Music is his medicine. Turns out, it’s my medicine too. I wasn’t the

only one. The whole island felt it. The slight ripple on the surface

becoming a wave, ‘making the movement move’. It tastes all kinds

of sweet. A spoonful of Nahko.

It is the day after Nyepi* and ‘Nahko Bear’ is almost famous.

‘Medicine for the People’ – the band he fronts – is about to headline

the Bali spirit festival and offer up their healing sound to the island

of the Gods. Nahko will be talked about, booked, photographed,

facebooked, friended, lusted after and talked about some more…

and then booked out and sold out again and again. But he doesn’t

know any of this right now. Right now he just knows what he wants

– some good food and some honest lyrics. He heads to the CLEAR

cafe in Ubud, where I am also reaching for some words after an

insightful day of silence.

The way I first meet Nahko is, well, more than a little strange. Logging

into facebook for the first time in a couple of days I click on

a link a friend from Australia has sent me. Sipping on my kelapa

muda, I watch the music clip, headphones on, casually curious.

What appears before me: a tapping foot, shaved head (well, half of

it at least), overalls, earrings, guitar, in the back of an old pick up,

parked somewhere in Hawaii. A voice I wasn’t expecting. And a

sound I’d never heard before. He was bringing it, gentle and strong,

all at the same time. Suddenly he had my attention. And I was in.

This is the first time I’d heard of Nahko. The song was ‘Black as

the Night’. The first line of the song says it all. “I believe in the good

things coming, coming, coming …” Hell yes. I had no idea how true

those words would be. No idea of the swell, the set that he was

about to bring to these salty shores.

Somewhere between the licks and the poetry something dawns on

me: he is not entirely unattractive. The clear, dark eyes; bit of mis



there, that’s for sure. Kind of ripped. Let’s say defined, it’s more

polite. Some interesting tattoos. Skin painted with stories. Who is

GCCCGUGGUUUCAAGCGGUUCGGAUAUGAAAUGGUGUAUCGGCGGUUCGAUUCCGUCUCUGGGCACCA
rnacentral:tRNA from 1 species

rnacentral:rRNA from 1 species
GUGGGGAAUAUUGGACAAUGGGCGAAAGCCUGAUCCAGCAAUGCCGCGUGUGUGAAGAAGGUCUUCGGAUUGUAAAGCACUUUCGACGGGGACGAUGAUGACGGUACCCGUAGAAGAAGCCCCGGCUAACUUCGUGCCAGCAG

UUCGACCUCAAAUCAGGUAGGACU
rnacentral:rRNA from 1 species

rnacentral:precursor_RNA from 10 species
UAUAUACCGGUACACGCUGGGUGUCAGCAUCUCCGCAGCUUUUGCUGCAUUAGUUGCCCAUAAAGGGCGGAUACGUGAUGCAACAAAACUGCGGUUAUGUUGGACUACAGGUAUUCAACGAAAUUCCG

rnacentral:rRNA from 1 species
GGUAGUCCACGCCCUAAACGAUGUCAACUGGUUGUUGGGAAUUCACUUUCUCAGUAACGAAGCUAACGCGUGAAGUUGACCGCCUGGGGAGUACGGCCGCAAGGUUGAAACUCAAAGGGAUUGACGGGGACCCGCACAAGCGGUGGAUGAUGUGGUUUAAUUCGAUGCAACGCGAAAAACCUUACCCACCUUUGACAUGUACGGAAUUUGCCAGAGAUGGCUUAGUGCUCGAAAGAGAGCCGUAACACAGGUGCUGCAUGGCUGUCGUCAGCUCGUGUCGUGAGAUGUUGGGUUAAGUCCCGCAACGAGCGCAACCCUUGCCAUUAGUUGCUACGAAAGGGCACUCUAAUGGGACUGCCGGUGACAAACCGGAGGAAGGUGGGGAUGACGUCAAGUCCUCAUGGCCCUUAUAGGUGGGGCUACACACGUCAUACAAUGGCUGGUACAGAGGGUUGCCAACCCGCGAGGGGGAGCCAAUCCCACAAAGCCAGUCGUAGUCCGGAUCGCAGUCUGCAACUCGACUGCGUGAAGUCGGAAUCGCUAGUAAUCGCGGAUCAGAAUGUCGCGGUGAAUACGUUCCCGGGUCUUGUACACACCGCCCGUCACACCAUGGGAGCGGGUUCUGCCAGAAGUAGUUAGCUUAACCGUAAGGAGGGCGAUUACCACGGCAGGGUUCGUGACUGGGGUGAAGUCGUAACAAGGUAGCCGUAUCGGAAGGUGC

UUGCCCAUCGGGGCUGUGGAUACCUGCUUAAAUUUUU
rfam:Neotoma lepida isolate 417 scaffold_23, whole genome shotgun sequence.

this guy? I let out a sigh and flick my eye towards the door as some



comes in. I do a double take. Really look. Then look back at the

clip. Then look again. The tatts confirm it. They are the one and the

same. Nahko heads straight upstairs. Singlemindedly, you could say.

With focus. A man on a mission almost.

My focus goes straight to my pen. ‘Fuck the silver lining / My clouds

got rainbows’. Breakfast just got a whole lot more interesting.

I climb the stairs and give him the words. He is still anonymous

enough to find this quirky behaviour charming. He gives me the

word ‘synchronicity’ and the time – to his gig at Jazz Cafe in Ubud in

two days time. I go. And so it begins.

‘I believe in the good things coming…. come in come in come in.’

Nahko Bear is at that crossroads. Where the future is being pulled

into the present. Where the now is created by the past. Where

ancestors must be respected and youth educated. Nahko is a man

of the earth. A quarter Apache, a fourth Puerto Rican and the rest

Filipino. All native. He holds the weight of the world on the lightness

of his laugh. Ganesh definitely had something to do with this one.

His music – which he calls ‘spirited redemption music’ – talks of

cultural wounding, environmental wrongs and social injustice. And

then, in the blink of a third eye and the wink of a dimple, he talks

about change, about cures and what will be. His songs are woven

with beautiful echoes and glorious hope. Watching Nahko & Medicine

for the People play live is an experience not to be missed. The

beats compel you to join in the rhythm. Nahko ignites epiphanies in

the audience; dancing their way to sweaty transcendence. You get

addicted to his drug. It’s like aural serotonin. It creeps over your face

like a smile and makes you proud to be human.

Music is his medicine. Turns out, it’s my medicine too. Because

something changed within me while he was here, his music the

soundtrack in a way I can’t explain. I wasn’t the only one. The whole

island felt it. The slight ripple on the surface becoming a wave,

‘making the movement move’. It tastes all kinds of sweet. A spoonful

of Nahko.

And we might not have to wait that long for the next dose. Word on

the jalan is that the ‘dark little cinnamon man’ is back in Bali to play

a gig somewhere green and lush on New Year’s Eve with someone

whose name rhymes with Psychael Shanti. You heard it here first.

Oh yeah. I believe in the good things coming, coming, coming ….

* Balinese day of silence

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